for Kate Wolff
As a newly minted PhD in the 1980s, I wrote a rather surly review of a monograph published in 1984 about the famous Bauhaus-trained graphic designer Herbert Bayer (1900-1985). Most of it I dismissed as hagiography and much of the rest as meaningless mumbo jumbo about Bayer’s engagement in “sustained investigation of the means by which intimate nature, monumental nature, and ultimately celestial nature can be made the apposite to human finitude.” I accused the author of depicting the great designer “as a mystical, pantheistic painter who designed on the side,” the escalation of a deplorable tendency to fetishize artists of the German Bauhaus.
The monograph’s author was a publisher and expert on typography who had assembled a wonderful portfolio of typographic design, The Avant Garde in Print, a copy of which was a cherished possession of a calligrapher friend of mine. But another friend who read my review, a Phd candidate in the University of Chicago Divinity School, informed me that the author was much more than that. Did I know that Arthur A. Cohen was also a famous Jewish theologian? I sensed a tone of disapproval.
Twenty-five years passed, several twists and turns on my career path led me to a faculty position in a divinity school, and one day I found myself searching in Yale University’s undergraduate library for an English edition of Franz Rosenzweig’s Star of Redemption. The book, published in German in 1921, is regarded as one of the most important works of Jewish philosophy in the twentieth century. The plan was to scan readings from Rosenzweig for my class in “Jewish Spatial Practices.” I was dismayed to find the only available copy marked up, with so many underlinings and marginal comments that it would be useless to try to scan it for my students. Yet as I leafed through it, the marginalia began to attract my attention. They were interesting; a very good student must have written them. Some even began to affect my own thinking about the text.
More interesting to me, however, were the unusually expressive marks in the book. The underlining might start out fairly straight: “To the nations war means staking life in order to live.”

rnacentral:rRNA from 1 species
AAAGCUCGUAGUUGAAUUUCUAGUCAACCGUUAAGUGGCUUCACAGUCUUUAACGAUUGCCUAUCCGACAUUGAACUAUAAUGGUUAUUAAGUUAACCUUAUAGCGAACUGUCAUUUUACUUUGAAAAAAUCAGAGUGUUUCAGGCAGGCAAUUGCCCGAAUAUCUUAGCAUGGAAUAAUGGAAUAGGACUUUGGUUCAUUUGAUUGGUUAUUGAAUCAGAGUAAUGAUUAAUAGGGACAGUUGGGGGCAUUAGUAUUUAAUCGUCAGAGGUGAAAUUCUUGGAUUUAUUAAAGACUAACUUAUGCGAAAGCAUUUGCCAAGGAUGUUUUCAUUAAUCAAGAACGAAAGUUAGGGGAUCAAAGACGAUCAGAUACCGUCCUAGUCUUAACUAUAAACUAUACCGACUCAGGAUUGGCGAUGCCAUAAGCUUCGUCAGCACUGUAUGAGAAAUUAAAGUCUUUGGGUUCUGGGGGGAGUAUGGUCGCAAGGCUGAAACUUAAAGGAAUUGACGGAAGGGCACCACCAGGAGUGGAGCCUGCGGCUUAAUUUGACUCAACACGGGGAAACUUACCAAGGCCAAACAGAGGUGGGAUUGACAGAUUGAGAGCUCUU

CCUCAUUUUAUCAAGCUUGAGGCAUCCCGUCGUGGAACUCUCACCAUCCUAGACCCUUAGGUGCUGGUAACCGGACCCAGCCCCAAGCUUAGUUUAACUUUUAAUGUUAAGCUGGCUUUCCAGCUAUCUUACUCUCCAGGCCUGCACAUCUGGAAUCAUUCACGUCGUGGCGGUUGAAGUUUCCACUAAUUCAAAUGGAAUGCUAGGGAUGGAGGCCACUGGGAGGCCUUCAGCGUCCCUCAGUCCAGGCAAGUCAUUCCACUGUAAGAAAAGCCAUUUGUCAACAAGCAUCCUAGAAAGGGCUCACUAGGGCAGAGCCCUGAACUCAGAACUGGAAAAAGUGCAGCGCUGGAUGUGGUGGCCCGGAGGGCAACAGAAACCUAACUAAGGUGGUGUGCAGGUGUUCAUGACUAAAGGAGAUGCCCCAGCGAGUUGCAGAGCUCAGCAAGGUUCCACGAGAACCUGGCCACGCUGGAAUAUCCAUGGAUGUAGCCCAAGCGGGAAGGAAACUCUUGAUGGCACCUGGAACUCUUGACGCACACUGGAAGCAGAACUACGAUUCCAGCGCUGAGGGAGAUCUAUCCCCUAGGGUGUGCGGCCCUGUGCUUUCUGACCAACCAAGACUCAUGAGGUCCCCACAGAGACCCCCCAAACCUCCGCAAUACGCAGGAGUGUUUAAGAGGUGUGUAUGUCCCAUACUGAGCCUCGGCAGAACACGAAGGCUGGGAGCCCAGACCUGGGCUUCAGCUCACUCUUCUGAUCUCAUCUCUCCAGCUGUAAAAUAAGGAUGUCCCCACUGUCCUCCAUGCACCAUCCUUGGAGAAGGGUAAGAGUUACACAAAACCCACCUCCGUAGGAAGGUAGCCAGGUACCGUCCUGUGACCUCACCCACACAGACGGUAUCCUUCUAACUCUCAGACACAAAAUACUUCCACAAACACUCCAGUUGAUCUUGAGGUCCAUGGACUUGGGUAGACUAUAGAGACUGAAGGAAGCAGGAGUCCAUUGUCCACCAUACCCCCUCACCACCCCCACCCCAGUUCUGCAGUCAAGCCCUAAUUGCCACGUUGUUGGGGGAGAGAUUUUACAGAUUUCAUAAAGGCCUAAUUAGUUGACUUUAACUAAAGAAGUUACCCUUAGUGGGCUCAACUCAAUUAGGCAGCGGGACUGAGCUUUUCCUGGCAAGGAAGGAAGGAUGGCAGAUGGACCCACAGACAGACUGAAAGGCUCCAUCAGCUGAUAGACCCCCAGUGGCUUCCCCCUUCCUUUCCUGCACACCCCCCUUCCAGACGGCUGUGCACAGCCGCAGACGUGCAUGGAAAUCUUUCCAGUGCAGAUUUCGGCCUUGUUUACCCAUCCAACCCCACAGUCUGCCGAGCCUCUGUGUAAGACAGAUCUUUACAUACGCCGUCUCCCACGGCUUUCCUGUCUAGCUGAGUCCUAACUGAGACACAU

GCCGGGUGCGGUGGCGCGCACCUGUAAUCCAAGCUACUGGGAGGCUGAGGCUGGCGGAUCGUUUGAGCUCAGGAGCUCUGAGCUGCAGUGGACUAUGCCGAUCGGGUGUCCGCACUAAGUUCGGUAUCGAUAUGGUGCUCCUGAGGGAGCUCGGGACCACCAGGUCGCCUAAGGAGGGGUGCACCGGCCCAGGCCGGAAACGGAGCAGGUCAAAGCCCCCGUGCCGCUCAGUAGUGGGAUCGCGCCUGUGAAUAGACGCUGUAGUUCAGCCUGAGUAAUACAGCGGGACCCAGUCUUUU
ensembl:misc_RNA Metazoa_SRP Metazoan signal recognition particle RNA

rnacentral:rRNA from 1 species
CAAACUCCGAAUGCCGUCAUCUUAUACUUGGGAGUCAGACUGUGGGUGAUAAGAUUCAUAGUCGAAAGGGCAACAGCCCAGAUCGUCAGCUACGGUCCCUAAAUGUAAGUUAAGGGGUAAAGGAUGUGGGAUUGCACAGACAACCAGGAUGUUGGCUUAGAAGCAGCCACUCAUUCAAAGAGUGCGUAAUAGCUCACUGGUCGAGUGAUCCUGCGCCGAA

But the marks then become agitated, tremble along in waves, vibrate with the mounting excitement of reading an important passage and seem to gain speed. The wavy lines nearly cross out the “two legitimate reasons” for waging war. Sometimes a line undulates to echo the rhythm to which it sways.
In marginal notes, “ascenders” ascend, like the “d” in God, wandering up aspirationally and folding back on itself to then climb slowly down as though resigned to life on earth.
The handwriting conveyed a sense of the beginning and the end of a phrase. On the inside of the front cover short paragraphs in the same handwriting were strewn over the page, and below them I found a severe, Bauhaus-inspired bookplate that read “Arthur A. Cohen.”
An artist once told me that everyone can draw, because everyone has learned how to form the intricate letters of handwriting. Even handwriting that is not beautiful – and Cohen’s handwriting was not always beautiful – is expressive. My own scrawl, at times illegible even to me, might seem to contradict this, but in this book writing is drawing in action, the writing and its underlying hand the companion of the words to which it responds. And of the words it spells out; the marks on the page seem in dialogue with Rosenzweig, and perhaps they put Cohen’s design sensibilities in conversation with his religious thought. Certainly they come together in his writing on Herbert Bayer. A scholar could perhaps find material at Yale’s Beinecke Library, where Cohen’s extensive papers are held.
My review of Cohen’s book about Bayer yielded some insights that I used in essays about other matters, but it took another negative review for me to understand how to remain respectful while critical. Eventually it occurred to me that Cohen, writing at the end of Bayer’s long life, may have intended his book as a mitzvah. Bayer died in 1985, before my review appeared in print, and Cohen the next year at only 58. Perhaps this post begins to make amends, or maybe it just amounts to my own marginal note against digital readers.
text and photographs © Margaret Olin 2015